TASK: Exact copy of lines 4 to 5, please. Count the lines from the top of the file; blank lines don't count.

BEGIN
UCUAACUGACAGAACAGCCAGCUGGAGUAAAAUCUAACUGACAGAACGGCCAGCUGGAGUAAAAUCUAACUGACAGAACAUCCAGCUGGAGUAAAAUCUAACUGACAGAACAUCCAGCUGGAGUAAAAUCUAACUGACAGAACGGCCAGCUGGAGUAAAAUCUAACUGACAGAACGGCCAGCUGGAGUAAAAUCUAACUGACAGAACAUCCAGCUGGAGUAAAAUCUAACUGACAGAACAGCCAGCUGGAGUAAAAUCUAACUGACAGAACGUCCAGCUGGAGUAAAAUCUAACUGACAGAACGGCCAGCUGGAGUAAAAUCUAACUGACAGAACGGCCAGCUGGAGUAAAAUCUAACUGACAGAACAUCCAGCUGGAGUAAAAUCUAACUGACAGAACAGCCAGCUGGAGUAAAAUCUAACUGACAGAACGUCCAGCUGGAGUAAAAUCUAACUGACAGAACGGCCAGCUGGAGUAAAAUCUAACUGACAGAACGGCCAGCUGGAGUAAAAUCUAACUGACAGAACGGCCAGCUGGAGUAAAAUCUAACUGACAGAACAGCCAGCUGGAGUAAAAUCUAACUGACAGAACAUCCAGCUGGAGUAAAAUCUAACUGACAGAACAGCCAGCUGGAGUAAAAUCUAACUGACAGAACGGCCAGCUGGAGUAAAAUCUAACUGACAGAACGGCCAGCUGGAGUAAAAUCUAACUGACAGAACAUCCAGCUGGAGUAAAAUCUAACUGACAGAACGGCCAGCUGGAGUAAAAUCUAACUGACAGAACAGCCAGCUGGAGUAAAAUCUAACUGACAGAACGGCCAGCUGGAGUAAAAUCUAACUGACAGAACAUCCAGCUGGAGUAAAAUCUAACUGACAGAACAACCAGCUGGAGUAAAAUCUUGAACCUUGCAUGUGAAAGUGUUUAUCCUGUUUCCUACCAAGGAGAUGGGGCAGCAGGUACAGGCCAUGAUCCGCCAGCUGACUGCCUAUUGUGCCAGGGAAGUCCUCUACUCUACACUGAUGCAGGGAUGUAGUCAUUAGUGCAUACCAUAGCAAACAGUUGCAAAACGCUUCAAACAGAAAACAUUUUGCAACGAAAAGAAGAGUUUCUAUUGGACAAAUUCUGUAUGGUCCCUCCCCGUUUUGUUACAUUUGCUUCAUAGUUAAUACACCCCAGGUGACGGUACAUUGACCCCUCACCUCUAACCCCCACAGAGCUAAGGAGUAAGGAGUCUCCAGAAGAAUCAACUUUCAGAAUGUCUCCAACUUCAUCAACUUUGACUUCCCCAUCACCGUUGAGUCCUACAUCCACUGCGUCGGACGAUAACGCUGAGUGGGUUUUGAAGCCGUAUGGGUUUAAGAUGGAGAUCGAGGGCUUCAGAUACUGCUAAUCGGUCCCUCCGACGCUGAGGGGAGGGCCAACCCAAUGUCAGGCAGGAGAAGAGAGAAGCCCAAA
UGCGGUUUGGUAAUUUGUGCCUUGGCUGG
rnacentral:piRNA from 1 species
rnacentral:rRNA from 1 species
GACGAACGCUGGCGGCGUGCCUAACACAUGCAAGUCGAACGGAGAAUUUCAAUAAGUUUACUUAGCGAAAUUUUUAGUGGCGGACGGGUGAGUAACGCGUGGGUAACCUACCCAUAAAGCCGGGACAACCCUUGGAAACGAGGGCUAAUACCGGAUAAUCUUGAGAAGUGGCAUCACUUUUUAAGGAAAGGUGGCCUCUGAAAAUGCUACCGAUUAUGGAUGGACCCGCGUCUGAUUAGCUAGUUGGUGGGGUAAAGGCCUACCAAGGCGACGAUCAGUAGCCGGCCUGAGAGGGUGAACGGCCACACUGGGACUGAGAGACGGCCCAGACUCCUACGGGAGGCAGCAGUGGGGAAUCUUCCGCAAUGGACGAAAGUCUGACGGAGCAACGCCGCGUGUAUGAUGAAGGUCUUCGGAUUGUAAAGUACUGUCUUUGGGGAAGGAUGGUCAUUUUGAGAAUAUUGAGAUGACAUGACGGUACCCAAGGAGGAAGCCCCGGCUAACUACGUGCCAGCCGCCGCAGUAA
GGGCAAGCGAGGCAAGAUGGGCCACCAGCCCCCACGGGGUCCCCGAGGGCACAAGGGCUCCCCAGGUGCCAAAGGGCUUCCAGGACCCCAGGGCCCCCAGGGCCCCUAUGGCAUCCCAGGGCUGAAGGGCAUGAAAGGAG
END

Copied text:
rnacentral:rRNA from 1 species
GACGAACGCUGGCGGCGUGCCUAACACAUGCAAGUCGAACGGAGAAUUUCAAUAAGUUUACUUAGCGAAAUUUUUAGUGGCGGACGGGUGAGUAACGCGUGGGUAACCUACCCAUAAAGCCGGGACAACCCUUGGAAACGAGGGCUAAUACCGGAUAAUCUUGAGAAGUGGCAUCACUUUUUAAGGAAAGGUGGCCUCUGAAAAUGCUACCGAUUAUGGAUGGACCCGCGUCUGAUUAGCUAGUUGGUGGGGUAAAGGCCUACCAAGGCGACGAUCAGUAGCCGGCCUGAGAGGGUGAACGGCCACACUGGGACUGAGAGACGGCCCAGACUCCUACGGGAGGCAGCAGUGGGGAAUCUUCCGCAAUGGACGAAAGUCUGACGGAGCAACGCCGCGUGUAUGAUGAAGGUCUUCGGAUUGUAAAGUACUGUCUUUGGGGAAGGAUGGUCAUUUUGAGAAUAUUGAGAUGACAUGACGGUACCCAAGGAGGAAGCCCCGGCUAACUACGUGCCAGCCGCCGCAGUAA